Learning disability is a term that refers to a group of neurological disorders that affect the brain’s ability to receive, process, store and communicate information. Individuals with learning disabilities may not have any physical or sensory impairment such as poor eyesight, blindness or difficulty hearing, and may be of average or above-average intelligence, but they may still find acquiring knowledge and functioning normally with peers to be a challenge. There is no apparent cause for learning disabilities, but some believe it may be hereditary, caused by problems during pregnancy, or occur after birth such from exposure to toxins, head injuries or lack of nutrients.
Learning disabilities can drastically affect someone’s ability to perform at work or school, which can be detrimental for someone developing basic academic or professional skills. About 5 percent of children in public schools have some form of learning disability, according to the U.S. Department of Education. Learning disabilities can occur with other disorders such as ADHD or information processing disorders, but they should not be confused with laziness, mental retardation, autism, deafness or other similar conditions.
Some Common Learning Disabilities Include:
Specific learning disabilities affect different areas, show up with varying symptoms and range in severity.
- Reading Disorder (Dyslexia)
- Disorder of Written Expression
- Mathematics Disorder
- Expressive Language Disorder
- Mixed Receptive-Expressive Language Disorder
A gap in achievement or progress in comparison to peers or co-workers and apparent difficulties with learning can also signal a possible learning disability.
In different aged children, some behavioral signs can hint at the possibility of a learning disability. Often children may show signs of disruptiveness because they may not be able to focus or pay attention to an assignment, or may be trying to get out of trying because they find it too difficult.
Signs of learning disabilities in school
- Frustration with schoolwork
- Refusing to do homework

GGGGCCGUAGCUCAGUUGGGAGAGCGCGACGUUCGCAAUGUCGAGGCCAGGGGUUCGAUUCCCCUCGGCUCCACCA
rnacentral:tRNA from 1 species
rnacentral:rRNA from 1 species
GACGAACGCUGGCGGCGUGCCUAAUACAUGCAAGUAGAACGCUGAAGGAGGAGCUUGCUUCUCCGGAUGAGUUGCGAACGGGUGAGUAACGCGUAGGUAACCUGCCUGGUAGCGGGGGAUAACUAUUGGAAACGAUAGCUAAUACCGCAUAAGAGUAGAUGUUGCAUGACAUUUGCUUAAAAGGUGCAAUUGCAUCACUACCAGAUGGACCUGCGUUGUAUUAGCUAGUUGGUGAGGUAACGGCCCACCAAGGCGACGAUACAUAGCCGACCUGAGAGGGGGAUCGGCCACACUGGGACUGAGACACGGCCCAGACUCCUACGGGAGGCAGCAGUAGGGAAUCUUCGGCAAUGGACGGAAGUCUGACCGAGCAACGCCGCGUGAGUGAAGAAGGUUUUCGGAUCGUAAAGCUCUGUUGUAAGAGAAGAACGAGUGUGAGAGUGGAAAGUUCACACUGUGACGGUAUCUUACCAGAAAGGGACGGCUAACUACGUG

- Complaints about the work being too hard
- Calling themselves stupid
- Not wanting to show a parent an assignment
- Trying to delay doing an assignment
Some students may try to cover up the poor work and act like things are great, or others may decide school isn’t worth trying for and that can show up in adolescence when they may start cutting class or acting out in other ways.
Adults with learning disabilities
It’s never too late to discover a learning disability in someone’s life. Finding out might provide an explanation for past difficulties in school, but it can also allow someone to get some support and services to help them with any current difficulty. Though as adults, it’s likely that they’ve learned ways to cope and work around their learning disabilities to lead well-functioning lives.
Solutions and Treatments for Learning Disabilities
Learning disabilities, once diagnosed by a professional, can be compensated for through different styles of learning and studying. Once identified, we can provide assistance to helping people develop learning strategies that work for them. Then, students can also get help through school resources and trained teachers who have an understanding of how to help students with learning disabilities despite difficulties through modifications or accommodations as needed by the severity of the disability.
To learn more or get in contact with us at the Atlanta Behavioral Consultants, please call Dr. Drutman at 770.910.9135.